Our flight-training articles can help you become a better pilot. From getting a license in two weeks to advance flying techniques, our pilot training for general aviators cover all the information you need.
Tuesday, April 7, 2009
The Right Way To The Left Seat
How to realize your dream of becoming a professional pilot
|Flying is in the blood of certain individuals. Some of us plan a career in the cockpit from an early age, and we pursue it to the exclusion of everything else. Others keep their aviation goals quietly smoldering, always on a back burner ready to emerge at the right time. For various reasons, they may alight in a different direction, attain career goals outside of aviation and pursue vocational paths that seem far detached from flying. But many of them come back. |
Tuesday, March 10, 2009
Ticket To Ride
Earning a sport pilot license: Part I
|Enough trash already. This endless washboard-road turbulence promises to reintroduce me to the hot dog and greasy fries I just ate. Note to self: Next time, have an avocado salad.|
Tuesday, February 24, 2009
Sport Pilot Daze
What’s up with the light-sport ticket, and what/where/when can I fly with it?
|Behold the rapidly beating heart of light-sport aviation: A YouTube video chronicles a pilot’s dead-stick takeoff. Not landing...takeoff. He points his engine-off LSA down a 35-degree mountain slope, rolls into a hang glider–style launch and lands—still dead stick—on a sandbar 1,500 feet below and two miles away. |
Tuesday, January 27, 2009
Learn To Fly: Fun Things You Can Do With Your Certificate
Flying an airplane is an unmatched experience, and you can do some amazing things once you earn your certificate
|Ah, if only you knew how to fly! You could escape the shackles of your humdrum life and soar above its stresses. You could wake up in Nebraska, eat a cheeseburger for lunch in Colorado and settle in for the night on a crystal lake in Idaho. You could fly biplanes or jets or spiffy little yellow Cubs with smiling bears painted on their tails. But how much will it cost, how long will it take and how safe is it? What can you do with a pilot’s license?|
Monday, June 23, 2008
Wingipedia, Part III
In our final installment, we conclude with “Alberto Santos-Dumont” through “Zulu time”
|We’ve finally reached the end, my friends. In “Wingipedia, Part I” [March 2008], we covered “acrobatics through “induced drag.” And in “Part II” [May 2008], we took care of “Jenny” through “roll.” It has been fun, but our aviation version of Wikipedia has reached the end of its line. Wikipedia, which asserts that its name is “a portmanteau of the words wiki (a type of collaborative website) and encyclopedia,” is an online encyclopedia that’s written and edited by its visitors, i.e., people like you and me. |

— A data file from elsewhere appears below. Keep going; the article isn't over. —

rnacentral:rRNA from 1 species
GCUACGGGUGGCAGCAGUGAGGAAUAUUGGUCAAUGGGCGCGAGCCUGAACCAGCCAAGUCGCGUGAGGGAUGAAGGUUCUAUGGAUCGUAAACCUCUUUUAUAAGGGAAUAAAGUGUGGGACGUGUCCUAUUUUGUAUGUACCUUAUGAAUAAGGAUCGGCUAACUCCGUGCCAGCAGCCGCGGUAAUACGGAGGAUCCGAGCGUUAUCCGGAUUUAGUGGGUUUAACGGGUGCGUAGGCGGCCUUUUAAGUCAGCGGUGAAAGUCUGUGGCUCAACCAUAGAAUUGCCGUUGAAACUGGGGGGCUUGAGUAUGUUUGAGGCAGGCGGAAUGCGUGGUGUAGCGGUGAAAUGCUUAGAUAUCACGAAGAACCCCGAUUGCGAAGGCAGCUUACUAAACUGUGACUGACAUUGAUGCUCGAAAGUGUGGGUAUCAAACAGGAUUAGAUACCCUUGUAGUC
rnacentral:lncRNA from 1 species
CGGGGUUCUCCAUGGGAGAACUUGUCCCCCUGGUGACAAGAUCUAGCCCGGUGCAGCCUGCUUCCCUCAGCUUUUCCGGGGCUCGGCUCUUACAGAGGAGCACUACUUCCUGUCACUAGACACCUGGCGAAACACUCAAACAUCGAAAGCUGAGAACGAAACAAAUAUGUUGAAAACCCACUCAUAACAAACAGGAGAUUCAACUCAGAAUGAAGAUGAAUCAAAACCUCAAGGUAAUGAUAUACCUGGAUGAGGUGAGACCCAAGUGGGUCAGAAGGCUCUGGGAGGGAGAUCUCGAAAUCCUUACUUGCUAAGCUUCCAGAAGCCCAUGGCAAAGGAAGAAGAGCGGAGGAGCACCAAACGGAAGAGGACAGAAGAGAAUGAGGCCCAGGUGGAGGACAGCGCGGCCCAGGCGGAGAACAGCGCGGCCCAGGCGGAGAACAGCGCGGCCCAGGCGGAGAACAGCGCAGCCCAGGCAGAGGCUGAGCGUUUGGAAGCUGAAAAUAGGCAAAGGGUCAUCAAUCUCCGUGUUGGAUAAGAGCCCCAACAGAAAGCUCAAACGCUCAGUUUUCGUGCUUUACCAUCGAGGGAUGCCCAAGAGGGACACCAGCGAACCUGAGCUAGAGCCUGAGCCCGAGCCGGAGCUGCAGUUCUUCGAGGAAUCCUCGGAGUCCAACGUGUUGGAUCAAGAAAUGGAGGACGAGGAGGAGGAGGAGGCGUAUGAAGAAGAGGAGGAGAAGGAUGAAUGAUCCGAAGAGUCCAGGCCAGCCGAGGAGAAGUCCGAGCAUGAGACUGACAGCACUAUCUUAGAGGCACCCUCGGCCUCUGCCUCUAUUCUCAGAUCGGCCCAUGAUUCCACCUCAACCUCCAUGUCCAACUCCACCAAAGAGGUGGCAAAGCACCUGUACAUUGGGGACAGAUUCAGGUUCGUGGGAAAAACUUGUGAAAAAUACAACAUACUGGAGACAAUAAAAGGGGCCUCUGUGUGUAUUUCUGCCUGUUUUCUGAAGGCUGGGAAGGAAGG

Thursday, May 1, 2008
Wingipedia, Part II
In this edition, “Jenny” through “roll”
|Last month, we brought you the first installment (“acrobatics” through “induced drag”) of Wingipedia, our aviation-based encyclopedia. Here, we present the second installment. If you think that something’s missing, log on to planeandpilotmag.com to contribute your own additions.|
Thursday, May 1, 2008
Pilot Careers 2008
Get inside the cockpit
|Opportunities for professional pilots are at record levels for civilian aviators. No matter what your goal, if you work hard, fly well, present yourself professionally and are flexible with schedules and work locations, chances are extremely good that you’ll find a professional pilot seat waiting for you.|
Saturday, March 1, 2008
In this edition, "acrobatics" through "induced drag"
|The computer generation has come to depend on digital explanations for everything courtesy of Wikipedia (and, no, we don’t know where the name came from). That being the case, we thought we’d come up with our own, more common sense, aviation-based encyclopedia, hence “Wingipedia.” If you think something’s missing, add your two cents through the link at the end of this article.|
Tuesday, May 1, 2007
Greasing It On
Smooth handling: some advice on how to make every landing a squeaker
On any given flight, the landing is the maneuver that concerns pilots the most. It concerns the pilot because, when it comes to aircraft handling, the takeoff is pretty simple, and once in the air, controlling the aircraft is far less complicated than driving a car in traffic. Nevertheless, at the end of every flight is the dreaded landing. Every professional pilot has found his or her techniques for a smooth landing. A perfect landing every time under all ground and wind conditions isn’t easily obtainable or necessary for a safe flight.
Thursday, March 1, 2007
Let’s play the Practical Test Standards Game again
There’s a wonderful line in a Toby Keith song that laments, “I’m not as good as I once was, but I’m as good once as I ever was.” It’s a bar room tale complaining about the aging process and the awful fact that it can’t be stopped. Luckily, that’s not necessarily true of pilots. Flying isn’t about party stamina but about skill, and that doesn’t have to slide downhill just because time is passing—assuming, of course, a pilot wants to halt that erosion.
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